It's Sunday, June 18th, and my stomach is sour.
Several reasons for my discomfort come to mind--the pizza from the new-to-us restaurant yesterday, the overabundance of fast food I've been consuming lately, the overindulgence in sweets and carbs....the stress of my teenage son's surgery. We leave before dawn for the hospital tomorrow.
I've gained the ten pounds that should be on my son's frame. What will happen when he can't chew for the next 120 days?
Seeing a movie together is but a momentary distraction; the surgery is already on my mind before we leave the theater.
It's Monday, 330am, and I am praying.
Prayers of gratitude for medical expense loans, to cover the large check I must present this morning. Prayers for compassionate nurses, competent doctors, effective pain management.
We arrive at the surgery center at 530a, as directed. The doors are still locked in the predawn gloom, with only a receptionist visible in the office across the foyer. Someone else finally comes out and opens the door for us. At 630a, we are taken back to the pre-op area. Preparations are made, and he is wheeled to the OR just before 700am.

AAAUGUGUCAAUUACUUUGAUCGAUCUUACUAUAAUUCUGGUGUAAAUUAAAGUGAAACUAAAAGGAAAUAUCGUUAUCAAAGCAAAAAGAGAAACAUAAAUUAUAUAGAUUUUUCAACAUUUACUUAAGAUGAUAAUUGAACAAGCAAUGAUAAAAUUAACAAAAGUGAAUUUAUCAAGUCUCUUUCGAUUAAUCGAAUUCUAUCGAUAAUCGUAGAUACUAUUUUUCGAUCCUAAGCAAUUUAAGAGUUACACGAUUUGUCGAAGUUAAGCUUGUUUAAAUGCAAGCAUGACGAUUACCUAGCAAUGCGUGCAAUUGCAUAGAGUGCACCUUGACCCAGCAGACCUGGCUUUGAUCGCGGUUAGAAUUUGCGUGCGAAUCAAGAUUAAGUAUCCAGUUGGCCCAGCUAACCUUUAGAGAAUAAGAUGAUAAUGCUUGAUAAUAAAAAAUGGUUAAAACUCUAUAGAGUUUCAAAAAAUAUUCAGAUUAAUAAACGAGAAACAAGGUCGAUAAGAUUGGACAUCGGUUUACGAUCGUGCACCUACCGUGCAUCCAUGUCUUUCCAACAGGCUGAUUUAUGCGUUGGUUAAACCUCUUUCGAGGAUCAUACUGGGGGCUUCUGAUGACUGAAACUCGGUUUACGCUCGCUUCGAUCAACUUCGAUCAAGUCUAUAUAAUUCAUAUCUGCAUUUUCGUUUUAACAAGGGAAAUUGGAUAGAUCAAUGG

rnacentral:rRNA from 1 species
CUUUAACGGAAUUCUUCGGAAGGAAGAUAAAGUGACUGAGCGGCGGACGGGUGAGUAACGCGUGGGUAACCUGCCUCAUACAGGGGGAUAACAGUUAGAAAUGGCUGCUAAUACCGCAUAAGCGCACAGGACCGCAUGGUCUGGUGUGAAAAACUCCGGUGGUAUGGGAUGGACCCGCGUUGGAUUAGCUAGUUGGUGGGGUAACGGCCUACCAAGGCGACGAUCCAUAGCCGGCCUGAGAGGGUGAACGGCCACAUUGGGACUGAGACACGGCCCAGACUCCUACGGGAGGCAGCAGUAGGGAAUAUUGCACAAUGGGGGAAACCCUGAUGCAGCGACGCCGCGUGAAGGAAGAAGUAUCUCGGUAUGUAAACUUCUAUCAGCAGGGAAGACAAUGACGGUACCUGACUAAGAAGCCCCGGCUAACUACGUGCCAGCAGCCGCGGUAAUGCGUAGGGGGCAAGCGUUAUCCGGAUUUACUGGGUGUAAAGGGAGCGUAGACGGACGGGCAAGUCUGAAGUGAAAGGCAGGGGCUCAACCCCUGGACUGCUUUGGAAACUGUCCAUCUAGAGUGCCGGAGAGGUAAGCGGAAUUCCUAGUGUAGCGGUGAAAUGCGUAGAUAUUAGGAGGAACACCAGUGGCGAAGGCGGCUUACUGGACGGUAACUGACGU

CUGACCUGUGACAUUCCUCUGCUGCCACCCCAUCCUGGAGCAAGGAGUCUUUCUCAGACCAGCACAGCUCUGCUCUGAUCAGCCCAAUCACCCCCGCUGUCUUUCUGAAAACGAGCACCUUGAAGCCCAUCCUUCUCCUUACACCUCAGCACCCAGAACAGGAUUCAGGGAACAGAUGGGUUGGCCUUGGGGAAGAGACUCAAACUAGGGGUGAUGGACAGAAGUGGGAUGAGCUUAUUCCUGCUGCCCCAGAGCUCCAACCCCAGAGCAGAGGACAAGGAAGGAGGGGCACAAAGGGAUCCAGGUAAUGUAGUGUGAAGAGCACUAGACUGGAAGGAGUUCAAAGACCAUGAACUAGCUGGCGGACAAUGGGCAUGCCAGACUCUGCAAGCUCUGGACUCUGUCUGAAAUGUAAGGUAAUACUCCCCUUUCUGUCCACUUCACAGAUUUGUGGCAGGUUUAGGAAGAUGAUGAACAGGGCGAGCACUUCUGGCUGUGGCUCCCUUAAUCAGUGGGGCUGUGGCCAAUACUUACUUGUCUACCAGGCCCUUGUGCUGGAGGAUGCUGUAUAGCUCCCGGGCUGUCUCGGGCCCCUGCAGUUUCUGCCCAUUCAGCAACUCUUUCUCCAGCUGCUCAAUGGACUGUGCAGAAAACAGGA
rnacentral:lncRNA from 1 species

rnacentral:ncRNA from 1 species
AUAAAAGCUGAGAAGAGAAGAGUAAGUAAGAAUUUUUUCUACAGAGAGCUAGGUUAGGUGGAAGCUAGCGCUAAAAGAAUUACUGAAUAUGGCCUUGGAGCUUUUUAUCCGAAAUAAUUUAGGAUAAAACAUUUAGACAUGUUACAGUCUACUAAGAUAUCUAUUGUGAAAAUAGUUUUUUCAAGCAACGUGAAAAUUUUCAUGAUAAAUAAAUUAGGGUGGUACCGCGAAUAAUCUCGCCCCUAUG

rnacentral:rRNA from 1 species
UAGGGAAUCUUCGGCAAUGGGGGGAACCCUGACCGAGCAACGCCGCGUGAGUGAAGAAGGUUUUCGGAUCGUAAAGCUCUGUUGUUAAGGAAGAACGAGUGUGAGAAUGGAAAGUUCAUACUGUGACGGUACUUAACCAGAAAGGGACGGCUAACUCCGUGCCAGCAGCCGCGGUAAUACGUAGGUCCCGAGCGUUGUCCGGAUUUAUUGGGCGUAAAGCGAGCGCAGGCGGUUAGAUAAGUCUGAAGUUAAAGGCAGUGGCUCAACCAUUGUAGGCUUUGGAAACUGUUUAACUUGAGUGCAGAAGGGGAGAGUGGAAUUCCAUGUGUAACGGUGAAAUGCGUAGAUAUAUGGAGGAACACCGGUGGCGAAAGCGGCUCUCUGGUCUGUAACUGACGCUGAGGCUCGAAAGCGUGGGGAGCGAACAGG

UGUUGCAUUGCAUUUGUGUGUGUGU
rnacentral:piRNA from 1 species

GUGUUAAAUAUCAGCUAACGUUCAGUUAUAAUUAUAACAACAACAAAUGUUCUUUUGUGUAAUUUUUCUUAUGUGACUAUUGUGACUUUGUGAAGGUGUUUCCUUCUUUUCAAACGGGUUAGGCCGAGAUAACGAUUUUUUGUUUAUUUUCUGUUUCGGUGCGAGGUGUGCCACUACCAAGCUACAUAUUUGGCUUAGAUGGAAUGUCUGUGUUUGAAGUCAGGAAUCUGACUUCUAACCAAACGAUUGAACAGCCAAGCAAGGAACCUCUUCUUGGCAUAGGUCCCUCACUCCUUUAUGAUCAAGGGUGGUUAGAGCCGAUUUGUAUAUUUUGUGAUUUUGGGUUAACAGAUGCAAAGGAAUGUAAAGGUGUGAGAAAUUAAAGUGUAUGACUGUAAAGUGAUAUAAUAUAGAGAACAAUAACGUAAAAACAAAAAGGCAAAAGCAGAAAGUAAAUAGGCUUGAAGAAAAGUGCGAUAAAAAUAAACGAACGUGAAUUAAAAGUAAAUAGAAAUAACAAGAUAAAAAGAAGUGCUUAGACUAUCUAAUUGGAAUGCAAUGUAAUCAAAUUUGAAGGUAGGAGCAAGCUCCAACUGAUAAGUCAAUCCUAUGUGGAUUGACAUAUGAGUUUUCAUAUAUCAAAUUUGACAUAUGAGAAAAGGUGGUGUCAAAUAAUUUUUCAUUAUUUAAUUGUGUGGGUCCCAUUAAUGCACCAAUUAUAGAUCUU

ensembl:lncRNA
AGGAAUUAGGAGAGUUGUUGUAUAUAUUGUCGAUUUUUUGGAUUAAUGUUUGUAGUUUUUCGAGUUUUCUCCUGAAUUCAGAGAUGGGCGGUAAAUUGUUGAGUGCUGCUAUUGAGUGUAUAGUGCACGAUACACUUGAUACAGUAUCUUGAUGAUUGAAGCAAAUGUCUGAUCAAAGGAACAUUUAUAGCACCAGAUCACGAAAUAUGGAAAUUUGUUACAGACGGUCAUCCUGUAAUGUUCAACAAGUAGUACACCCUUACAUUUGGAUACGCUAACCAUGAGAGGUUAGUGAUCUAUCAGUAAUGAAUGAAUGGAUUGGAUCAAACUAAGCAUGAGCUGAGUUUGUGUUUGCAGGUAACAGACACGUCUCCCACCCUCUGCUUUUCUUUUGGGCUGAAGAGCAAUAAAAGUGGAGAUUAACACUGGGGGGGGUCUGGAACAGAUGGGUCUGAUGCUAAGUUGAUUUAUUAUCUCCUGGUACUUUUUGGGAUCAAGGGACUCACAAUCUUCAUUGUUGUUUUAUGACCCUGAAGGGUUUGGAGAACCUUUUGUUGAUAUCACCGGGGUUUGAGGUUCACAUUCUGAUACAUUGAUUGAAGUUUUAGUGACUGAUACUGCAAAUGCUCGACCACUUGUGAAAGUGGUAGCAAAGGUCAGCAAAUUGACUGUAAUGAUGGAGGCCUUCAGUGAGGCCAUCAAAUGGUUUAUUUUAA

Still Monday, 900am, and we are anxiously awaiting an update. Crocheting keeps my hands busy, the nonstop barrage of TV chatter only mildly distracting. The update comes a few minutes later. The surgery is going well. Then it's 1030a, and we get word that they are a little over halfway through. Surgery was supposed to take four hours; the math in my head doesn't add up.
Noon, and we are finally ushered into a small consultation room without enough chairs, to hear from the surgeons. They are happy with the outcome.
We are called back to recovery a half hour later. Our son is still drifting in and out of sleep. He looks pale. When he wakes up, he coughs up blood, bright red splatters on the blanket and paper towels. There is a man shouting from across the room, hidden by his curtain. At first his rants just seem like a bad reaction to coming out of anesthesia, but then he yells "INCOMING!", and we realize he suffers from PTSD. In the midst of my worry for my own child, I feel for this soldier and his family.
It takes our son forever to wake up long enough to raise his oxygen levels without a mask on. We remark to his nurse that we haven't watched a monitor this closely since his sister's stay in the NICU. He is the second-to-the-last patient to leave; the shouting soldier is long gone. It's now 515pm.
We get him home, thankful we had prepared the couch the night before with sheets and a blanket--but the blanket is white, and soon ends up in the washing machine, spattered by another bloody coughing spell. Old towels are quickly piled up and put to use, as he drifts in and out of sleep again, only to wake and cough some more. At some point, he is alert enough to change into comfortable clothes, and then falls asleep on the couch for the night. I listen to his breathing, see his chest rise and fall in the dim light from the kitchen.
I fall into a fitful sleep in the chair next to him, only to awaken minutes later and often through the night, not unlike his first night at home, nineteen years ago.